Re: PF in both feet

john h on 2/22/02 at 12:07 (074686)

To this day and after 7 years I still do not have a good explanation of why many people including me develop PF in both feet. Statistics would seem to be against developing a repetative motion injury in the other foot a few months after developing it in one foot. After the first foot develops PF you obviouly are slowed down if not totally stopped. I read that one injury makes us walk different on the other foot but that answer just does not get it for me. There is some common denominator here and if one knew what it was there might be a breakthrouhg in the treatment of PF>

Re: Sorry

Tammie on 2/21/02 at 18:17 (074579)

I am sorry to hear your painful news! Keep the chin up tho as you said the sun will shine again tomorrow! Hope your little one soon feels better! My pt used ice like that also, only It for some reason never felt good it always made it hurt worse and like start a chain of pain. For some odd reason I seem to like heat my feet feel so veryyyyyyyyyy cold.Then other times I have hot flash in them and I want to cool them , but then they hurt more. Feet they sure have there own minds sometimes! Have a better day tomorrow and hope all is back on the mend!

Re: What a Day!

Suzanne D on 2/21/02 at 18:39 (074587)

Sorry for your relapse and for the pain in both feet. My PF started in just my left foot, but in about 2 months it was in both. I understand how that makes you feel.

I also remember when my children were small and had the flu and many other illnesses. That was always so disturbing. The only good thing about children being ill is that they usually 'bounce back' fairly quickly! I hope this is the case with your child.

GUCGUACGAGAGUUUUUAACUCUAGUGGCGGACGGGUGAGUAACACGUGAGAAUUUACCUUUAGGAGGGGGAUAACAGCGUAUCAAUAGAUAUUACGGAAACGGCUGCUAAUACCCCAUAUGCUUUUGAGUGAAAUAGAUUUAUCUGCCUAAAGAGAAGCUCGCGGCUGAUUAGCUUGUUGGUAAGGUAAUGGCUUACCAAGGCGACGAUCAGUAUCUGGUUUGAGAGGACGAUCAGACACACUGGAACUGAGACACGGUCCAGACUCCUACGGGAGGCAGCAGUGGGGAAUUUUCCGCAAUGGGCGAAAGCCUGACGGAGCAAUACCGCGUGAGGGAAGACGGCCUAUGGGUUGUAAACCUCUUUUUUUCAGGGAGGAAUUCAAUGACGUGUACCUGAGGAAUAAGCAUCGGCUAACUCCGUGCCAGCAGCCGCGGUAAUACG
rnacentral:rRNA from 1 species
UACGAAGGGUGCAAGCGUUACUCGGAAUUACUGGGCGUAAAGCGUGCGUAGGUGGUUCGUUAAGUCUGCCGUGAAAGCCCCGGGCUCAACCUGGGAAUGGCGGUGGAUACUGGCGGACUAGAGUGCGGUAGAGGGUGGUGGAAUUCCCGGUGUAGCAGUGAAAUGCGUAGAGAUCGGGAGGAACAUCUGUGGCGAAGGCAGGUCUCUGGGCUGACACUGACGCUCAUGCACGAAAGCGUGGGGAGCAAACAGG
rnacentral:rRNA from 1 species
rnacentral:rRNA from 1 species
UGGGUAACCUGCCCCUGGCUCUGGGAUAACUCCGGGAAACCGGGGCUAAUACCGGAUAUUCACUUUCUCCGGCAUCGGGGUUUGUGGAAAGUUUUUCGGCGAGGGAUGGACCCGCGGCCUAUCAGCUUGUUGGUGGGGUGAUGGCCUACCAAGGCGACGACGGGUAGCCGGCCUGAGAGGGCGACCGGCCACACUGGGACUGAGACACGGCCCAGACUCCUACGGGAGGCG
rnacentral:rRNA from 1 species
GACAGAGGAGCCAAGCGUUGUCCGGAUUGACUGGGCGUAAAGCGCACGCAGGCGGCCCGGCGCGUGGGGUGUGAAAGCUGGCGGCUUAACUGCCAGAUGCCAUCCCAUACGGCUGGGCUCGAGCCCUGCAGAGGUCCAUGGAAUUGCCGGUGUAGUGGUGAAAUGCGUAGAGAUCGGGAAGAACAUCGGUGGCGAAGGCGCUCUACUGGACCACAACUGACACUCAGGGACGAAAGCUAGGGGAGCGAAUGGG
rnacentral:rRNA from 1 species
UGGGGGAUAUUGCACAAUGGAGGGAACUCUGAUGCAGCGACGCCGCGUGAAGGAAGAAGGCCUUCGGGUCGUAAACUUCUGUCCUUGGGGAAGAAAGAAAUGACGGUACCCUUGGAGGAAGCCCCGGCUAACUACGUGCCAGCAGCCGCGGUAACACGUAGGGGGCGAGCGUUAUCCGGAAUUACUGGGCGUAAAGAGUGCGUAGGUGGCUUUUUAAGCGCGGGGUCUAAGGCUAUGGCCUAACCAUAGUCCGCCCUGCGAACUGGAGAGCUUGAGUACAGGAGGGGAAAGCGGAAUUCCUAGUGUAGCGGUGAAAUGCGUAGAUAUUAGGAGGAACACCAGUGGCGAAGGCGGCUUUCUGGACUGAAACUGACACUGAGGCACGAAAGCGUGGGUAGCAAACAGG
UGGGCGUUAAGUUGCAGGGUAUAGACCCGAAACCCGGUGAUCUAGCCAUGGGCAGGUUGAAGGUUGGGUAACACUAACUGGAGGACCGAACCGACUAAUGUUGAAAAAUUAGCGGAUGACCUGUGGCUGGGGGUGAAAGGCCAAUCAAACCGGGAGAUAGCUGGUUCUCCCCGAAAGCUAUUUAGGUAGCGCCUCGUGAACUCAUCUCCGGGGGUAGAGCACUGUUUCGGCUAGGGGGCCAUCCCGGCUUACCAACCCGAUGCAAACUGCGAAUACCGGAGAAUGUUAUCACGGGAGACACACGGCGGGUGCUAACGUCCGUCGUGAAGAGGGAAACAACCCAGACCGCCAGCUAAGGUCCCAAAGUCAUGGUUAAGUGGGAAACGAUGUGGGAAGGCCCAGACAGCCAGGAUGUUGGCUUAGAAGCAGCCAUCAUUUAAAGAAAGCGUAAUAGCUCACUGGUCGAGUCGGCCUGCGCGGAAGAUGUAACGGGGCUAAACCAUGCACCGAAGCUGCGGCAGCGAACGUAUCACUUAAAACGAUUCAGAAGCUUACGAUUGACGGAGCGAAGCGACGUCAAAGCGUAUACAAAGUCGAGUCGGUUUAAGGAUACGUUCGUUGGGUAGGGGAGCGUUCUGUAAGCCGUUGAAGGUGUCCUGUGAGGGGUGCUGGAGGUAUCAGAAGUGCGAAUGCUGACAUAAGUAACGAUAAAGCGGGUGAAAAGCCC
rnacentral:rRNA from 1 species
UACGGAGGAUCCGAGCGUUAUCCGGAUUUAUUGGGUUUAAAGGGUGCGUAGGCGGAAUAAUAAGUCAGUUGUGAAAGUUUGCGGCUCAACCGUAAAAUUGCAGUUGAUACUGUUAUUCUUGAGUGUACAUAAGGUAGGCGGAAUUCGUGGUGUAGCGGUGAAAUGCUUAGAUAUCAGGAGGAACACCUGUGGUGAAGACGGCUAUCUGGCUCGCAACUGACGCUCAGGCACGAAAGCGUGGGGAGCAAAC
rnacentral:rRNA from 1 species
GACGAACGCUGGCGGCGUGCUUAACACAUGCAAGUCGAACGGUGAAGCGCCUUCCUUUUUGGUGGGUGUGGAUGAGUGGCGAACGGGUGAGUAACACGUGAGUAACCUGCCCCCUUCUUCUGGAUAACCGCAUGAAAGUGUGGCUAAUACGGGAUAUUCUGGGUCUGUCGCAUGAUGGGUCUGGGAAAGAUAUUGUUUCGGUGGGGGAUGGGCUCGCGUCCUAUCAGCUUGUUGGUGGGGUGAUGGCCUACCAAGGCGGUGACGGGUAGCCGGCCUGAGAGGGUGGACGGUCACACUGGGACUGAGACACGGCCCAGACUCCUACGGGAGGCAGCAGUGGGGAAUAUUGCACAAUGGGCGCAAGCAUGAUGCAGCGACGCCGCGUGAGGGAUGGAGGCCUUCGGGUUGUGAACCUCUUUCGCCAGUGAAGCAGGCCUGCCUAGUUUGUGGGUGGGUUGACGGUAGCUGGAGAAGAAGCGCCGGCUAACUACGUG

Here's hoping the sun will shine brightly for you tomorrow!

:-)Suzanne

Re: Sorry

Pam B on 2/21/02 at 18:39 (074589)

Sorry you are hurting.....I know how this goes.....it is bad enough to have it in one foot but both is the pits.....I had a anelgesic injected into my other foot the other nite when they removed the stitches from my surgery, and it is done working already.......oh well, better days ahead is what I keep telling me :)

Re: What a Day!

john h on 2/22/02 at 12:01 (074685)

Rich: one thing the shot did for you was help you narrow your focus of where your problem might be. You can now rule out the back. probably TTS and some other foot problems. Your doctor must have found the spot which is sometimes one of the factors in having a succesful ESWT treatment.

Re: PF in both feet

john h on 2/22/02 at 12:07 (074686)

To this day and after 7 years I still do not have a good explanation of why many people including me develop PF in both feet. Statistics would seem to be against developing a repetative motion injury in the other foot a few months after developing it in one foot. After the first foot develops PF you obviouly are slowed down if not totally stopped. I read that one injury makes us walk different on the other foot but that answer just does not get it for me. There is some common denominator here and if one knew what it was there might be a breakthrouhg in the treatment of PF>